Madam Speaker, it is with great pleasure that I rise today to speak at third reading to Bill C-25, a proposal to restrict the amount of credit awarded for time an accused person spends in pre-sentencing custody.
The proposed legislation is part of our government's commitment to tackle crime and make our streets safer.
It is similar to a proposal I made in my private member's bill, Bill C-393, referred to as the knife bill which passed second reading in the 39th Parliament. That bill was introduced because of the senseless slaying of Andy Moffitt from Brockville.
Bill C-25 will provide the courts with guidance in sentencing by limiting the amount of credit that the courts may grant to convicted criminals for the time they served in custody prior to their sentencing.
Courts have traditionally granted two to one credit for pre-sentencing custody to account for certain factors such as overcrowding in remand centres, lack of rehabilitative programs commonly available in sentence custody, and the fact that the time spent in remand did not count toward parole eligibility.
In some cases the credit awarded has been as high as three to one, especially where the conditions of detention were very poor, for example, because of extreme overcrowding.
Enhanced credit has contributed to the growing size of the remand population who are those accused in custody awaiting trial and sentencing across the country which is now greater than the population found in sentence custody in Canada's provisional and territorial jails.
Across Canada court cases are becoming more complex and therefore longer. Many criminal cases now involve 10 to 20 court appearances which translate into longer stays in remand. For example, in 1994-95, 34% of those in remand were being held for more than one week. Ten years later, 2004-05 those held for more than one week had grown to almost 45%. The result is that offenders spend less time in sentence custody because they spend too much time in remand.
All this adds up to the increase in the remand population compared to the sentence population of convicted criminals. This explains why provincial attorneys general and correctional ministers encouraged the Minister of Justice at their September 2008 meeting to limit credit for pre-sentence custody as a way to help reduce the growing size of their remand population.
The practice of awarding double or even triple credit for pre-sentencing custody puts the administration of justice into disrepute. It creates the impression that offenders are getting more lenient sentences than they deserve.
Canadians have told us loud and clear they would like to see more truth in sentencing by bringing the practice of giving double time credit for pre-trial custody to an end.
This is exactly what Bill C-25 does. It proposes that the general rule of limiting credit for pre-sentencing custody to one to one in all cases. However, it gives courts the discretion to grant up to one and a half days for every day spent in pre-sentencing custody where it is warranted. Those circumstances are not defined in the bill, but we would expect that severe overcrowding for example would be such a circumstance.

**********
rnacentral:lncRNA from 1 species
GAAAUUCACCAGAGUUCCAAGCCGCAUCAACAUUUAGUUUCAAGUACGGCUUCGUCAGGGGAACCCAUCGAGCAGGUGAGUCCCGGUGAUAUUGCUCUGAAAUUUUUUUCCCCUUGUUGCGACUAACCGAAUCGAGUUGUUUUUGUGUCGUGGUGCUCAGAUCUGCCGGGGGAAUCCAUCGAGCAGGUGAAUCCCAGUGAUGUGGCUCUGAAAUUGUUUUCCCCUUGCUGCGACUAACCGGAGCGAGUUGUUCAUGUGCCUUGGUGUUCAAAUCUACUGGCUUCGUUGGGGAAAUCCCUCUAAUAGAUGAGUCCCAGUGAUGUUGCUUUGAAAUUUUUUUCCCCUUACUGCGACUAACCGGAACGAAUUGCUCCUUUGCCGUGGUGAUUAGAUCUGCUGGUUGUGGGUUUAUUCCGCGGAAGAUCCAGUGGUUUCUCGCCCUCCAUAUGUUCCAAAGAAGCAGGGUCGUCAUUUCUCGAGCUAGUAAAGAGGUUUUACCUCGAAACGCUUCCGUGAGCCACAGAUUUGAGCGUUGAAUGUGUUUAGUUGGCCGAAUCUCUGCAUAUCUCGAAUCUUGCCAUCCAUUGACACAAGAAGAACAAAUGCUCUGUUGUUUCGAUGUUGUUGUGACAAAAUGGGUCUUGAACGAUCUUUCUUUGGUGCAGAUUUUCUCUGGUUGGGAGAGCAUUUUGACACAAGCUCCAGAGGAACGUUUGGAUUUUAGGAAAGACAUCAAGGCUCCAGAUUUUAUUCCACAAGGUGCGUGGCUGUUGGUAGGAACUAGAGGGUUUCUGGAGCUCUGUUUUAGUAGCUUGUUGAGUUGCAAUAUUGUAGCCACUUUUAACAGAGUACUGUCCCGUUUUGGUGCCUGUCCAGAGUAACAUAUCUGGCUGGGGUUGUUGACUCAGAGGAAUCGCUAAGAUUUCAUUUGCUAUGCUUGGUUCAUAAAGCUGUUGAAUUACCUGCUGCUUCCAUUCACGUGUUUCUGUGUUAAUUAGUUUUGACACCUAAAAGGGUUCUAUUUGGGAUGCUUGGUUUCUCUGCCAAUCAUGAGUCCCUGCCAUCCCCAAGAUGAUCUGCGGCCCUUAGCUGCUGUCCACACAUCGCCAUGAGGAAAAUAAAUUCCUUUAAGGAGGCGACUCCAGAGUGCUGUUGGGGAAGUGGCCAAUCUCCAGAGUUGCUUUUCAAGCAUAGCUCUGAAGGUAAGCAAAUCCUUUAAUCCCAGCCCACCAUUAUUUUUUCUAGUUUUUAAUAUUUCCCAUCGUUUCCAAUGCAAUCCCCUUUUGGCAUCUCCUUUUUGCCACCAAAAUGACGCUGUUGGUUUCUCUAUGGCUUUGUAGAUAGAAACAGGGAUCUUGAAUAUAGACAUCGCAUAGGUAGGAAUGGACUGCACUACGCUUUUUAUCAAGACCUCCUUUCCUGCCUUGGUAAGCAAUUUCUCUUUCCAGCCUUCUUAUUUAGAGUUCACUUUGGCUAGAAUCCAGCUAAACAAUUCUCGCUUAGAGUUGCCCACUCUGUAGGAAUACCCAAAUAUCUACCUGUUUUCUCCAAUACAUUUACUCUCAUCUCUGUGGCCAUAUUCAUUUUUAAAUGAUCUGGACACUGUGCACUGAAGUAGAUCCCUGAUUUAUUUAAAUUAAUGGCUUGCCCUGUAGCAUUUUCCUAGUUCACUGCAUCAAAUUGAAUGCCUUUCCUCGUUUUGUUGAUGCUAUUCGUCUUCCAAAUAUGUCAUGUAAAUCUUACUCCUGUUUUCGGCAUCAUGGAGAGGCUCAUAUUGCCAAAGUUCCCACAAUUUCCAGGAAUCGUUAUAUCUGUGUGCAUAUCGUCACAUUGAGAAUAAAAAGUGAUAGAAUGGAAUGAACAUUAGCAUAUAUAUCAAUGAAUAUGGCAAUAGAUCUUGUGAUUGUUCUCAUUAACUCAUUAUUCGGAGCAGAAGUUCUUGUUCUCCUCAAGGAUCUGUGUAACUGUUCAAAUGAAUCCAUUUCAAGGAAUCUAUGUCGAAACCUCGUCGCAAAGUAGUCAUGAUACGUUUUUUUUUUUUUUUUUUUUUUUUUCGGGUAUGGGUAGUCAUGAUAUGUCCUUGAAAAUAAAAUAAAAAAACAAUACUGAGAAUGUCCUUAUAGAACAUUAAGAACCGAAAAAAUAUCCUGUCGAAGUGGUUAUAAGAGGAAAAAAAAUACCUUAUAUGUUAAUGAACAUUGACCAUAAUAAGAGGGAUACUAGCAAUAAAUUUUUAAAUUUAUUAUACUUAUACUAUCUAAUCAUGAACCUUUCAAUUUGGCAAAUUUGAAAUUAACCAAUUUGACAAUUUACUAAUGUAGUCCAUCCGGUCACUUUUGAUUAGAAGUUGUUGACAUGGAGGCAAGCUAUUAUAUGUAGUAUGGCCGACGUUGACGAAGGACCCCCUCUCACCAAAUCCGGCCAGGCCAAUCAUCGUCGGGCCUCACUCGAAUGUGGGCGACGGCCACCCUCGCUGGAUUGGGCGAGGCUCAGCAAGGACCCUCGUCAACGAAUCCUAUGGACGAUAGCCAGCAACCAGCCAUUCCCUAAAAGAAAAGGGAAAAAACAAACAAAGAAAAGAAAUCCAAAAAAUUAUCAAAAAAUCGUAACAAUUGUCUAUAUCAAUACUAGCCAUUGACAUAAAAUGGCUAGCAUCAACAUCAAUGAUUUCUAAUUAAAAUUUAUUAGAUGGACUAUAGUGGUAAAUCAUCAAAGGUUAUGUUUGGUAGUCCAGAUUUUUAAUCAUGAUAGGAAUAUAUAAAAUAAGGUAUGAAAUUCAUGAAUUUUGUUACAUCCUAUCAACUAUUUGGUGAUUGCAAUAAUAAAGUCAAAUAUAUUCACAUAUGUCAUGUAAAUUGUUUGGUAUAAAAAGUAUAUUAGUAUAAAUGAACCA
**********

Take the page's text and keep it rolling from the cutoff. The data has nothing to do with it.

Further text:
Where accused are remanded for having violated bail or because of their criminal record, the credit must be limited to one day for every day spent in pre-sentencing custody in all cases. These are factors that courts have recognized as warranting less than two to one credit for pre-sentencing custody.
The government will not allow extra credit for repeat offenders and for those who have violated their bail conditions.
Another problem with the current practice of awarding credit for pre-sentencing custody is that only the resulting term of full sentencing custody is reported and no statement of the consideration of pre-sentencing custody is communicated in the reasons for sentencing.
This is another problem that Bill C-25 proposes to address by requiring courts to note on the record the sentence that would have been imposed without credit, the amount of credit awarded, as well as the sentence imposed.
Courts would also be required to record that the offenders have been remanded because of their criminal record or because they have violated bail.
These requirements will meet several objectives including more clarity in how the length of the custodial sentence is determined and I believe that it will result in greater certainty and consistency, and will improve public confidence in the administration of justice.
As a result of this initiative, more offenders will now have a federal sentence of two years more and an increased number of federal offenders will be spending a longer time in federal custody.
From a rehabilitation perspective, this time in the federal system may present the opportunity for longer term programming that may have a positive impact on the offender.
I appreciate the support of our provincial and territorial partners for this legislative amendment to provide greater truth in sentencing. We are continuing to make laws to strengthen the justice system, and Bill C-25 is an important contribution to this objective.
I urge hon. members to support a quick and hasty passage of this bill.